Posted: Wed, September 16, 2015 | By:
by Hank Pellissier
The Biafra Civil War from 1967-1970 resulted when the small West African region – primarily populated by the Igbo tribe – attempted to secede from Nigeria, a former British colony. An estimated 1-2 million people were killed in the conflict; 40% were Igbo children who died of starvation and malnutrition. The Igbo thought the global community would support them, but they gained little assistance, whereas Nigeria was massively armed by the British and Russians. Biafra was invaded and the Igbo were eventually subdued.
How are the Igbo doing today? Have they survived economically? Are they participating in Nigerian political affairs? Have enmities been forgiven?
To find out, I interviewed Kelechi Anyanwu (pen name Kelechi Deca) an Igbo journalist with special focus on Africa’s development, and accreditations from the International Monetary Fund (IMF), World Bank Group, African Development Bank Group and African Union. A graduate of the University of Nigeria Nsukka, he has worked extensively on the history, culture, and traditions of the Igbo people.
Can you tell me how your own family, friends, and village or city was involved with the war?
I am from Ezinihitte Mbaise, Local Government area of Imo State, my family lost two members during the war. One was conscripted as a soldier at the age of 21; the other was a lady who died as a result of shrapnel from shelling by the Nigerian artillery. I have not heard of a family that came out of the war fully intact without losing one or two members. The famine as a result of the food blockade affected my family too, three young people suffered from Kwashiokor, one never recovered fully - she developed mental problems after the war as a result of the after effects.
What were the main reasons for Biafra’s attempt at secession in 1967-1970?
Igbo people believed that their continued existence in Nigeria was threatened - that their lives and property were not protected, as exemplified by killings of Igbo people in other parts of Nigeria while the government did nothing. Igbo people lost trust in Nigeria, and the sincerity of Nigeria to protect them and other ethnicities in the Eastern Region of Nigeria. Also, the people of the Eastern Region felt that the resources being used to run Nigeria was majorly oil from their region, with other regions not contributing enough to the commonwealth.
Are the Igbo still angry at nations that helped Nigeria, like Britain, Russia, Egypt, the USA?
I wouldn’t say they are still angry but they have not stopped asking questions as to why the whole world seems to have conspired to obliterate the Igbo from the face of the earth. For example the Biafra War was in the thick of the Cold War, yet Britain worked seamlessly with Russia with the connivance of the United States government to destroy a relatively unarmed people whose only sin was that they tried to defend themselves against a blood-thirsty aggressor. The feeling among the Igbo was that the world conspired to stop the birth of a nation that was set to challenge the evils of colonialism and liberate the African continent. This also refers to the sitting-on-the-fence approach that France adopted. Igbo people believe that if France gave them full support, instead of piecemeal support, they would have won.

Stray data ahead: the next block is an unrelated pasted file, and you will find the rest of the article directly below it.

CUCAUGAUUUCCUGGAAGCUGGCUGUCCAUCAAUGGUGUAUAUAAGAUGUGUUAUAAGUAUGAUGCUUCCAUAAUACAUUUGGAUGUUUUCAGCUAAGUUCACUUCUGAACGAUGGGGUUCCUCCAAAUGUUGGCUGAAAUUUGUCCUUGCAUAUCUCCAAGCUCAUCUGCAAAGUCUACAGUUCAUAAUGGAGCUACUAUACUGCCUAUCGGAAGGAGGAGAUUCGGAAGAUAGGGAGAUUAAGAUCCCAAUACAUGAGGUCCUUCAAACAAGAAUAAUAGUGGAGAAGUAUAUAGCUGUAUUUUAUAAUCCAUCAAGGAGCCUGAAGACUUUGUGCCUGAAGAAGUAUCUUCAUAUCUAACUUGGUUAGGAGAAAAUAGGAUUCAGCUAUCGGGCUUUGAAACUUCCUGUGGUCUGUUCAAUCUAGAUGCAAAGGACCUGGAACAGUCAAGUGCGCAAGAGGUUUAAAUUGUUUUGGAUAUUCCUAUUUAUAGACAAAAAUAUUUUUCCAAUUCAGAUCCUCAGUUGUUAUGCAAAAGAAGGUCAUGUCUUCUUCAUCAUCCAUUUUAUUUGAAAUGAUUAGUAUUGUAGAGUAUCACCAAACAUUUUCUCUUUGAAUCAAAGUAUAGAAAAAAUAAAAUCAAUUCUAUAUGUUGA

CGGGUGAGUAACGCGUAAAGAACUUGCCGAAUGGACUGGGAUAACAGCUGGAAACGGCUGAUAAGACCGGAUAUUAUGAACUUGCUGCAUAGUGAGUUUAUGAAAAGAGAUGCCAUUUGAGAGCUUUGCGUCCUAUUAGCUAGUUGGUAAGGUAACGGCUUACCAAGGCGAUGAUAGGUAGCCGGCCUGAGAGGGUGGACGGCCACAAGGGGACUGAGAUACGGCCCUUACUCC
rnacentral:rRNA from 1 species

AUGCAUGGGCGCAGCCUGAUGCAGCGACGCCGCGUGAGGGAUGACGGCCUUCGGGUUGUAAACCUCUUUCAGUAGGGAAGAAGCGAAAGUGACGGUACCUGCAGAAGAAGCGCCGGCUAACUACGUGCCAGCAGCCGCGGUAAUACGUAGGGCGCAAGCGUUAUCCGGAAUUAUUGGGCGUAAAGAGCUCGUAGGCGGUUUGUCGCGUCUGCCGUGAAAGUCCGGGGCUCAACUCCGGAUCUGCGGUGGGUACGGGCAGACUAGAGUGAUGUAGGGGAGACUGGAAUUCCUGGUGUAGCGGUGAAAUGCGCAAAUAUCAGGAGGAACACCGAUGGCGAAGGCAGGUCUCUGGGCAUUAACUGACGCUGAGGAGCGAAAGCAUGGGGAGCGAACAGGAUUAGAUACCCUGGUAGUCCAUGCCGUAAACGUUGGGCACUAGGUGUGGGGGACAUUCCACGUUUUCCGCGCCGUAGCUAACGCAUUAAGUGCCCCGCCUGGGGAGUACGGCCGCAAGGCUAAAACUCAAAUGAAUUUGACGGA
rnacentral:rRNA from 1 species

Do the Igbo have affection for the nations that recognized or helped them? Tanzania, Gabon? Cote d’Ivoire? Haiti?
Extremely. The majority of Igbo still see those countries as friendly nations. During the Haiti Earthquake, Igbo people felt very concerned. Many of the relief campaigns carried out for that cause were promoted by Igbo people. Aside from seeing Haiti as their kith and Kin, they see them as kindred nation. Gabon is like a second home to the Igbo, same affection is extended to Cote d’Ivoire and Tanzania.
I just read the novel Half a Yellow Sun - by Chimamanda Ngozi Adichie. Is it a popular book in Igbo-Land?
It is a very popular book, but there are hundreds of other books about Biafra that have been written, what made Half of a Yellow Sun so popular was that it was published at a time when there is massive resurgence of pro-Biafran consciousness.
Is there freedom of speech to talk about the Biafra War today?
Yes, there is, especially among the young. Most of whom were not even born at the time. But it has not always been so; 20 to 30 years ago no one dared mention the name Biafra. All that has changed. There are various online groups, talk shows, lectures, and books on Biafra, even a guerrilla radio, called Radio Biafra.
Have opposing sides forgiven each other? Is there still tension between Igbo and Hausa (a Northern Nigerian tribe)? Between Igbo and other groups?
Biafra is like a scar on the palm. Other ethnic nationalities prefer it is just forgotten, but the Igbo still feel the pain of Biafra because they believe Nigeria has not done enough to assimilate the Igbo people. I do not think it has healed.
The Igbo want other ethnic nationalities to stop acts that delegitimize their pains and sufferings. They call for justice, especially for some acts that could pass as genocidal, and above all an apology from Nigeria. They believe that until these issues are looked into the pains of Biafra may not heal.
Igbo also do not feel included in Nigerian politics. They have been singing the marginalization song.
Do many Igbo still wish to have a separate nation? Are there Igbo who still wish for secession?
Yes there are, mostly the younger people. They feel frustrated by Nigeria and strongly believe that Nigeria is holding them down. They openly call for secession, and in some Igbo villages, you easily see flags of Biafra hanging from tall structures, and young people wearing T-shirts with the Biafra emblem on it.